What these two ideas have in common is that they had political support, which enabled them to monopolise debate. Scientists are just as prone as anybody else to “confirmation bias”, the tendency we all have to seek evidence that supports our favoured hypothesis and dismiss evidence that contradicts it—as if we were counsel for the defence. It’s tosh that scientists always try to disprove their own theories, as they sometimes claim, and nor should they. But they do try to disprove each other’s. Science has always been decentralised, so Professor Smith challenges Professor Jones’s claims, and that’s what keeps science honest.
What went wrong with Lysenko and dietary fat was that in each case a monopoly was established. Lysenko’s opponents were imprisoned or killed. Nina Teicholz’s book The Big Fat Surprise shows in devastating detail how opponents of Ancel Keys’s dietary fat hypothesis were starved of grants and frozen out of the debate by an intolerant consensus backed by vested interests, echoed and amplified by a docile press.
December 18, 2014
“[C]onservatives are underrepresented in academia because they don’t want to be there, or they’re just not smart enough to cut it”
The advantage of the quote in the headline is that it allows the person saying it to feel more positive about his or her own worldview, while side-stepping the real issue. Pascal-Emmanuel Gobry looks at a new report that addresses this issue:
I have had the following experience more than once: I am speaking with a professional academic who is a liberal. The subject of the under-representation of conservatives in academia comes up. My interlocutor admits that this is indeed a reality, but says the reason why conservatives are under-represented in academia is because they don’t want to be there, or they’re just not smart enough to cut it. I say: “That’s interesting. For which other under-represented groups do you think that’s true?” An uncomfortable silence follows.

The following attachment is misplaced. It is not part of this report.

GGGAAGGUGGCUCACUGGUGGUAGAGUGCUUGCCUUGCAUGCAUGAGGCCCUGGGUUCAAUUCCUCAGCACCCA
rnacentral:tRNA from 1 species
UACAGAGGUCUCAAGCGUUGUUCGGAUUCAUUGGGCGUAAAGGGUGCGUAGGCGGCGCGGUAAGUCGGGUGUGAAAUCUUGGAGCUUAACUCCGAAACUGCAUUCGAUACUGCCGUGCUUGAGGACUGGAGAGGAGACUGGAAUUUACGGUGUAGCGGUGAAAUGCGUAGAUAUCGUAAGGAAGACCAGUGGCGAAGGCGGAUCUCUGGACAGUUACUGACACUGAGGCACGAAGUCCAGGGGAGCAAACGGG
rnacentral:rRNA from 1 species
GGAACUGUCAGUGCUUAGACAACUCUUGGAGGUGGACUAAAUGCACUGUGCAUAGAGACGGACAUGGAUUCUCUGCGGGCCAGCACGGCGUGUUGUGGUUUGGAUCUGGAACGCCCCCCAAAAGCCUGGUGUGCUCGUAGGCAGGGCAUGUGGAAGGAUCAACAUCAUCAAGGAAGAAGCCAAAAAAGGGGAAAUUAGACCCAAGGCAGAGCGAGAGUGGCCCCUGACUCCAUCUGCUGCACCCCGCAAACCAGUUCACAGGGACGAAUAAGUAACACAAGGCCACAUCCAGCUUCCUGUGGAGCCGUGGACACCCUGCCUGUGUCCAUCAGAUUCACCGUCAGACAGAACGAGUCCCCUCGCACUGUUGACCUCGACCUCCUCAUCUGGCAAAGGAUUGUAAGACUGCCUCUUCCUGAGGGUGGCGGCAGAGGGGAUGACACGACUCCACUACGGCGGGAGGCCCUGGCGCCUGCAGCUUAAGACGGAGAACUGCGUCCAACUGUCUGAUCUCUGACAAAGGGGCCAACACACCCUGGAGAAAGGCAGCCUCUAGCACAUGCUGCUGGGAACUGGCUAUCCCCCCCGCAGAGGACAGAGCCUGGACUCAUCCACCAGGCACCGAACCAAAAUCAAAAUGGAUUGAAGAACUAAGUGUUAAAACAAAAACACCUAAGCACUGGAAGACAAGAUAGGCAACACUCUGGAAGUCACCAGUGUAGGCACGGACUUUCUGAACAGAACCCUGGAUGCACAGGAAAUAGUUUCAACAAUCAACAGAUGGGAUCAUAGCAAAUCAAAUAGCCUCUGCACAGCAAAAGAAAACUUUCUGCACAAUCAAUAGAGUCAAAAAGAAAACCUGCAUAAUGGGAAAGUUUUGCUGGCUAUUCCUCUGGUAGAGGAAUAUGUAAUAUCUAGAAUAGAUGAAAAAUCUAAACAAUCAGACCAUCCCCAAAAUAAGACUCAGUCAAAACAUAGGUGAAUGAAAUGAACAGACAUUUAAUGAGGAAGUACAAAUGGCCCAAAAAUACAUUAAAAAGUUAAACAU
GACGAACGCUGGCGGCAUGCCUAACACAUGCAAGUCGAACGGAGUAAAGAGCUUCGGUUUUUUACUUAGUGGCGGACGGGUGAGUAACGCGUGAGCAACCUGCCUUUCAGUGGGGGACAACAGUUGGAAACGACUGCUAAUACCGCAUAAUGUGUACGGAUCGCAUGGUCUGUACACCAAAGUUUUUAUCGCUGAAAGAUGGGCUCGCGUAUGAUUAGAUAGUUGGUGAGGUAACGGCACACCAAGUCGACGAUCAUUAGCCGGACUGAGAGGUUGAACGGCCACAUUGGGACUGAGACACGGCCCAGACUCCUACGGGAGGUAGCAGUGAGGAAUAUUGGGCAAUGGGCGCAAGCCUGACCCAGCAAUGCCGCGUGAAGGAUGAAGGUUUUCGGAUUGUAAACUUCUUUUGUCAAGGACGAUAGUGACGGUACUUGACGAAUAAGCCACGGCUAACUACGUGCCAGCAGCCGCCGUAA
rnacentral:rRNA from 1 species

I point this out not to score culture-war points, but because it’s actually a serious problem. Social sciences and humanities cannot be completely divorced from the philosophy of those who practice it. And groupthink causes some questions not to be asked, and some answers not to be overly scrutinized. It is making our science worse. Anyone who cares about the advancement of knowledge and science should care about this problem.
That’s why I was very gratified to read this very enlightening draft paper [PDF] written by a number of social psychologists on precisely this topic, attacking the lack of political diversity in their profession and calling for reform. For those who have the time and care about academia, the whole thing truly makes for enlightening reading. The main author of the paper is Jonathan Haidt, well known for his Moral Foundations Theory (and a self-described liberal, if you care to know).
Although the paper focuses on the field of social psychology, its introduction as well as its overall logic make many of its points applicable to disciplines beyond social psychology.
The authors first note the well-known problems of groupthink in any collection of people engaged in a quest for the truth: uncomfortable questions get suppressed, confirmation bias runs amok, and so on.
But it is when the authors move to specific examples that the paper is most enlightening.
May 20, 2014
Charles Stross doesn’t typically write stories with traditional hero characters, and he explains why, before digging deeper into the likely origins of the stereotype: